The BattleIn the morning, at break of day, Alexander commenced his march down to the plain.
As Darius came closed to being killed the Alexander and the companion cavalry he immediately began a hasty retreat on his chariot, leaving behind his mother, wife and the rest of his family as he disappeared into then night. When the road ended and he could take the chariot no further, Darius mounted his horse and continued to run throughout the night.
After winning the Battle of Issus, Alexander did not need to chase Darius into the night as he was already done for. The Battle of Issus proved once again that Darius had underestimated his Greek foe and that was going to cost him dearly. As Caridemes said, the pomp and luxury of the army was going to be his undoing the relentless Greeks.
After the Battle of Issus it would be several years before Alexander and Darius would have their final showdown at the Battle of Gaugamela. However, after watching the Persian army scatter into the sunset, the Macedonians turned back towards the Persian camp in order to plunder all of its worth.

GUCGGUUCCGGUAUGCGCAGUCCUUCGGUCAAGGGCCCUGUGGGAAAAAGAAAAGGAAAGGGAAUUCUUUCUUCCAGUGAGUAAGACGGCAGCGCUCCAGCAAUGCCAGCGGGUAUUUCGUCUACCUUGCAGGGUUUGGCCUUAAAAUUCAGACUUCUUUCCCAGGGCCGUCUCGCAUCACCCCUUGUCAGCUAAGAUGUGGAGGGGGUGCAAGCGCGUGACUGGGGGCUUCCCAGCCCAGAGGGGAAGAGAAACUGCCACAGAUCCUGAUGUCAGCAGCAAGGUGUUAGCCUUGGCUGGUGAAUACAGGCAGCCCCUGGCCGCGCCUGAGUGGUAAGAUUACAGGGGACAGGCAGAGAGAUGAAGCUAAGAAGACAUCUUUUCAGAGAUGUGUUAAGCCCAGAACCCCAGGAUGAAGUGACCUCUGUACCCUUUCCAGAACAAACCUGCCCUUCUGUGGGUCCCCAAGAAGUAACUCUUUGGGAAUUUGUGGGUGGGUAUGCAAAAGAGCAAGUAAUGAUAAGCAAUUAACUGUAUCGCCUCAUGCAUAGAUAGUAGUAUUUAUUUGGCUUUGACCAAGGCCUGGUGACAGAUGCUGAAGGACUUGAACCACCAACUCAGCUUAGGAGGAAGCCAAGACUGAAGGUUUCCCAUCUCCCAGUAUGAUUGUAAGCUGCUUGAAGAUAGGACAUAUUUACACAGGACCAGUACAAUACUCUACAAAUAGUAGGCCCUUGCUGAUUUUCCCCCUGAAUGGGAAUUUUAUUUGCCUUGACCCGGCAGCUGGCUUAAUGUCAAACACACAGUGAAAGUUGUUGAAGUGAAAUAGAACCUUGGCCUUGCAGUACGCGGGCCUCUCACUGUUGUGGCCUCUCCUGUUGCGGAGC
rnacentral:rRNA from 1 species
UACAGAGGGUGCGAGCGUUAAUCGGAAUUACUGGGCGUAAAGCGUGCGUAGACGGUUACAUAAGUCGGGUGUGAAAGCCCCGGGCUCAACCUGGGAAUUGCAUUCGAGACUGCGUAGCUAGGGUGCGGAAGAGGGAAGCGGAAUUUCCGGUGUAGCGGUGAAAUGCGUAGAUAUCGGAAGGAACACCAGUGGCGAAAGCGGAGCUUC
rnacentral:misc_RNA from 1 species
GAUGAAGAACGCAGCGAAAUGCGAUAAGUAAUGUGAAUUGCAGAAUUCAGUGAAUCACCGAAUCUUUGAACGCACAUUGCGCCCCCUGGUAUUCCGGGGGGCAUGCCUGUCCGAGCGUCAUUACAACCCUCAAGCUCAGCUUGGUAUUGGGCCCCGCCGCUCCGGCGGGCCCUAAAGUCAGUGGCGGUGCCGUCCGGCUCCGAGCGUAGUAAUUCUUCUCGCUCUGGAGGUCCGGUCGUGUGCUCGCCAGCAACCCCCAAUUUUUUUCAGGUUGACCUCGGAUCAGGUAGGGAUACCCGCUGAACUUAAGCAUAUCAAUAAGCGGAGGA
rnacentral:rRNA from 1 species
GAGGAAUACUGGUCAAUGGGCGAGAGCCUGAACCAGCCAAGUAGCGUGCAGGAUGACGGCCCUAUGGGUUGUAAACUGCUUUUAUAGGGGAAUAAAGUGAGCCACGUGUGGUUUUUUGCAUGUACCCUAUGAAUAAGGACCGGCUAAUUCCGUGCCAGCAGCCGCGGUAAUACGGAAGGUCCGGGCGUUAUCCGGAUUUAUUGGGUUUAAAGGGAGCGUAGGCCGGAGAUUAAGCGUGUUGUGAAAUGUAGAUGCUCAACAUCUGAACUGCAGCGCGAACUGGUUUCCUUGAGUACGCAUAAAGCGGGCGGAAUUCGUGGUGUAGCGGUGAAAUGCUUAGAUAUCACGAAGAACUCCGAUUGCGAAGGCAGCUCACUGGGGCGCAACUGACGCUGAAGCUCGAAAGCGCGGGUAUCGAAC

At the Persian camp Alexander and his army found all sorts of gold and silver objects along with valuable caskets, vases, perfumes, incenses and every other imaginable item of luxury. As Darius's mother, wife and family pondered their fates, Darius continued to flee for safe territory.
Ultimately Alexander would let Darius retreat and offered mercy towards his enemies family. While letting Darius amass his forces for the upcoming Battle of Guagamela, Alexander in the meantime focused his efforts on subduing the other territories of the Achaemenid Empire first.
- Battle of the Granicus (334 BC)
- Siege of Miletus (334 BCE)
- Siege of Halicarnassus (334 BCE)
- Battle of Issus (333 BCE)
- Siege of Tyre (332 BCE)
- Siege of Gaza (332 BCE)
- Battle of Guagamela (331 BCE)
- Battle of the Uxian Defile (331 BCE)
- Battle of the Persian Gate (330 BCE)
- Siege of Cyropolis (329 BCE)
- Battle of Jaxartes (329 BCE)
- Battle of Gabai (328 BCE)
- Siege of Sogdian Rock (327 BCE)